Underpaintings are like visual collages: They make paintings richer, adding mystery and establishing rhythm. You can use them to put your paper to work before you undertake the major design elements, allowing you to start with an abstract pattern rather than realism. This week I’ll demonstrate how I weave abstract shapes into my more realistic subjects by using the underpainting.
To easily and quickly produce an abstract underpainting, take a piece of low-tack adhesive film (like Contac paper) and cut some interesting shapes out of it. I use scissors to do this (I haven’t had much success with a mat knife)—inventing shapes and trying not to work with preconceived shapes like circles or squares. This allows me to be much more creative.
Next move these shapes around on your paper to form an interesting design—the number of shapes you use is up to you. When you find the composition that works for you, remove the backing of each shape and attach it to your painting paper. (Even after they’re adhered you can still carefully lift them up and redesign if you want to.) In making the abstract design, allow some shapes to overlap the edges of the watercolor paper—doing so will force you to fill the entire page with a unified design. It also helps to keep the subject from “floating.”
When your abstract pattern is the way you want it, brush a light wash of graded color over part of it. Now choose another color and underpaint another part of the paper. You can do this with several different colors as I did in my examples above, right, and below, but be careful not to use colors that are so dark that your overpainting won’t show up. As well, remember that you’ll probably want to use variations of the same colors in your underpainting throughout the work so your colors will harmonize.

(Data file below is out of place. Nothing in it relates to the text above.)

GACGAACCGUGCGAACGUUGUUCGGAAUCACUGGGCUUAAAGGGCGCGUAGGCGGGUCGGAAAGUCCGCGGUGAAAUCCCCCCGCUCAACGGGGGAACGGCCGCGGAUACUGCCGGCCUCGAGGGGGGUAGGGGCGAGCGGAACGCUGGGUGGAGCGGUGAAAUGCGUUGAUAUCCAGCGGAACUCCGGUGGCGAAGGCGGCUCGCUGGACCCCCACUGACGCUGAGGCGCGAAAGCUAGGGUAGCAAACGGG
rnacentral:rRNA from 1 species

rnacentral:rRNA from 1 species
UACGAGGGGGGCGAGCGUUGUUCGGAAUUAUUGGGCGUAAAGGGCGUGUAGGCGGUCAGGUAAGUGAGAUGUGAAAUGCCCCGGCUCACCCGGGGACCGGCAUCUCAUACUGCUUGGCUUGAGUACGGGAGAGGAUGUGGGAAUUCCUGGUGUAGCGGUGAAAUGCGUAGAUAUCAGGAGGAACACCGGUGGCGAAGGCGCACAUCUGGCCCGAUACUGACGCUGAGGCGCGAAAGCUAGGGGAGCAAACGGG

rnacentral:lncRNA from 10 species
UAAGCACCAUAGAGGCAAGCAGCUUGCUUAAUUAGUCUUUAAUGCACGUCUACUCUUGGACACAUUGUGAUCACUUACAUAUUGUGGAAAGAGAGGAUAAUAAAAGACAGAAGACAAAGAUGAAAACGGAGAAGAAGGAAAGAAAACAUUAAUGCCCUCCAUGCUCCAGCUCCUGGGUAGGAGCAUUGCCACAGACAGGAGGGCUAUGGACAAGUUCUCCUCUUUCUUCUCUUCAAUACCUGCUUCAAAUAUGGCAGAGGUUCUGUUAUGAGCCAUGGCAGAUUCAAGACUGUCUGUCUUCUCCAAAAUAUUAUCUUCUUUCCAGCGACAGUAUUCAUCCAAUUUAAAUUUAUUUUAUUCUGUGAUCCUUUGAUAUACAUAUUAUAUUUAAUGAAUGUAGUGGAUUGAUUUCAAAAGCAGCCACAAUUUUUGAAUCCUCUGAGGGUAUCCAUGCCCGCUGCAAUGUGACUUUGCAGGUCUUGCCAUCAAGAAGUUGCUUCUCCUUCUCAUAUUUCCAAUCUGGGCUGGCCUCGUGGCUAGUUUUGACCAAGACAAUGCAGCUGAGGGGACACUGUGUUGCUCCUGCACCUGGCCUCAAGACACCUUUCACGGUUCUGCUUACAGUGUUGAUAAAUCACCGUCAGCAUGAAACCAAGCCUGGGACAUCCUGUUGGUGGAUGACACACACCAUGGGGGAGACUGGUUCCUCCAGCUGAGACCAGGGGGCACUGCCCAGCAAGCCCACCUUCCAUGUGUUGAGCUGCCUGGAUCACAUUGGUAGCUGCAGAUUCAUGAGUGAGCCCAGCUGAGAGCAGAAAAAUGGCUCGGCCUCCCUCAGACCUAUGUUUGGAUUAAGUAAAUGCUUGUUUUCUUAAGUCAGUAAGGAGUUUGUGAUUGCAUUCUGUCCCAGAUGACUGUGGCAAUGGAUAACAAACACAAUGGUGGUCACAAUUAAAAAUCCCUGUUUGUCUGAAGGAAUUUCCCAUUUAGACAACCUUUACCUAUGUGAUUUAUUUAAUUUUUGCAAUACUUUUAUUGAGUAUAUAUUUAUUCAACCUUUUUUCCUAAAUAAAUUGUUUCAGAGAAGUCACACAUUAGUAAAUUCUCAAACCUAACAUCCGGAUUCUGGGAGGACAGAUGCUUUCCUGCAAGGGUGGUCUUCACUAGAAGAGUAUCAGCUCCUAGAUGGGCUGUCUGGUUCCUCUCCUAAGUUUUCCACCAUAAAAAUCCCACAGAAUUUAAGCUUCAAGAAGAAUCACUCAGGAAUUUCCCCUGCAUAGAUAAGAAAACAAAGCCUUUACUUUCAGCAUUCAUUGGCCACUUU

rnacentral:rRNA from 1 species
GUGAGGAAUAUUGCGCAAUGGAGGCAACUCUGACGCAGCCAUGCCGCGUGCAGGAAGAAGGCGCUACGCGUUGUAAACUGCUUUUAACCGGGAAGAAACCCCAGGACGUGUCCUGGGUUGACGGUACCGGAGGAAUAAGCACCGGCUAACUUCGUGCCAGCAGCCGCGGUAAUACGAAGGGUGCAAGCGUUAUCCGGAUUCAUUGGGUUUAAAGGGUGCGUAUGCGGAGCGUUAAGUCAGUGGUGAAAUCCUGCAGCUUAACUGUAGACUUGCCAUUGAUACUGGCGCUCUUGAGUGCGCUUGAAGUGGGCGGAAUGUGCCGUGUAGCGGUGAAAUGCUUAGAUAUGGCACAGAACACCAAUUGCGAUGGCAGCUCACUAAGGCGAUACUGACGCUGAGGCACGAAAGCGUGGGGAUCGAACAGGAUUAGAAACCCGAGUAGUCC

Remove the film when the paper is dry and you’ll see the exciting rhythmic pattern underneath. Next draw your subject on top of the underpainting. Then paint the light midtone on the dry underpainting, being careful not to rewet the underpainting as you build up to darker colors. You’ll be able to see the abstract shapes throughout the completed painting, as in Best Foot Forward at the top of the page, but mainly in the lighter areas. This will add a touch of mystery to the composition.
Tera Leigh is a writer and artist living near San Francisco. She writes columns for several magazines, including Decorative Artist’s Workbook and Artist’s Sketchbook (from the editors of The Artist’s Magazine). Her Web site is www.teras-wish.com.